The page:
Merge "where property is null"

Is there a way to use merge “where X property is null/not existing” ? Like this:

(a:NODE1 {akey:'key'})-[l:EDGE1{myDate: null}]->(e:NODE2 {someprop:'L' })

If not, how can I accomplish this? I would like to find if this exists (where myDate is null), if not then create the edge l between node1 and node 2, then set some properties and return a,l,e. All in one cypher query.

I have a workaround but I would like to know if there are other ideas that I'm not aware of.

Hello @ebbnflow :slight_smile:

Are you looking for this?

MATCH (a:NODE1 {akey: 'key'})-[r:EDGE1]->(b:NODE2 {someprop: 'L'})
WHERE NOT EXISTS(r.myDate) OR r.myDate = null
SET r.myDate = datetime()
RETURN a, r, b

Regards,
Cobra

Now what if there is no match? I need it to create that edge if it doesn't exist. I'm running into a race condition in my code where, in my app, I query for if it exists, check it in the java code if the edge exists, if not, the java code then calls another cypher query to create it. While on a separate micro-service instance, this same logic is running and it creates the node as well because we are receiving similar inputs on a very small timespan of a few milliseconds. The result is now I have two identical nodes. Only want one, so I need it to create it if it doesn't exist in the same query. I can't really put a constraint on it because this node is not unique with itself. What makes it unique is the surrounding nodes. This node is "in the middle" of sorts.

Is there a way to perform another query if that results in no match? Maybe using a nested case expression to check if the r edge is null?

I'm sorry, I don't understand.

Which node do you want to create? Which property should be checked to create or merge the node?
For the relation, you only want to create it if it doesn't exist or does there is a property to check?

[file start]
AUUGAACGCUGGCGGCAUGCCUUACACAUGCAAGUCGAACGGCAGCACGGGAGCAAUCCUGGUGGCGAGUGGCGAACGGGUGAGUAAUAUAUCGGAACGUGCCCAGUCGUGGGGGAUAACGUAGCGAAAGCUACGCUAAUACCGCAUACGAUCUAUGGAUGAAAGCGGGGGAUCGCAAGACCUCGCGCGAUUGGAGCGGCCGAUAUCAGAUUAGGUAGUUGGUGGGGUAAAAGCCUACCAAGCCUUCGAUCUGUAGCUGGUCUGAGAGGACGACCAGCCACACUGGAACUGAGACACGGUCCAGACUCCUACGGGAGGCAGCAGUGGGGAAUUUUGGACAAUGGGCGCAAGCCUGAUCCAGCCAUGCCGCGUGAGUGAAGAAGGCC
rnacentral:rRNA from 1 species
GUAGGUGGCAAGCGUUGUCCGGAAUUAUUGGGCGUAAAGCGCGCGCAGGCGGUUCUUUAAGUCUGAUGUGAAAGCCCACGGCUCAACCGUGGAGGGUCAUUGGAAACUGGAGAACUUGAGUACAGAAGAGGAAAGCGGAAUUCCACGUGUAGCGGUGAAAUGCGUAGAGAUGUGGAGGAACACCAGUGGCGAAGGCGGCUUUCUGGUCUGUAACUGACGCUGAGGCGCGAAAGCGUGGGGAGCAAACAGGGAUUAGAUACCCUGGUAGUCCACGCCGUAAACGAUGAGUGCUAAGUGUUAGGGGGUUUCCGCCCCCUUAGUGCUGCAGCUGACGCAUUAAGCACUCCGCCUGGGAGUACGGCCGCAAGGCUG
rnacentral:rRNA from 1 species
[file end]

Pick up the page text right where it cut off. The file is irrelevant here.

Give me some data and a use case please.

Regards,
Cobra

I'm with @Cobra , which node needs to be optionally created? I initially thought you meant the rel.
Try replace the word "it" with a specific noun/variable to clear things up. Using "it" is a common problem everyone has when specifying rules and logic in written conversation.

I'll take a stab at it, but it really depends on if e is the it that some other code is creating or not.

// do we do anything if NODE1 doesn't exist? Assuming not?
MATCH (a:NODE1 {akey:'key'})
OPTIONAL MATCH (a)-[l:EDGE1]->(e:NODE2 {someprop:'L' })
WITH a, l, e
WHERE NOT l is NULL AND l.myDate IS NULL
// this handles filling in the prop if the rel exists but the prop is null, if prop is set, does nothing.
SET l.myDate = coalesce(l.myDate,datetime()) 
WITH a 

This assumes that you want to create e when you create l and that e is not the "it" that is sometimes existing via separate service.

MATCH (a:NODE1 {akey:'key'})
MERGE (a)-[l:EDGE1]->(e:NODE2 {someprop:'L' })
// we create the rel, obv myDate is null.
ON CREATE SET l.myDate = datetime()
// this handles filling in the prop if the rel exists but the prop is null, if prop is set, does nothing.
ON MATCH SET l.myDate = coalesce(l.myDate, datetime()
RETURN a, l, e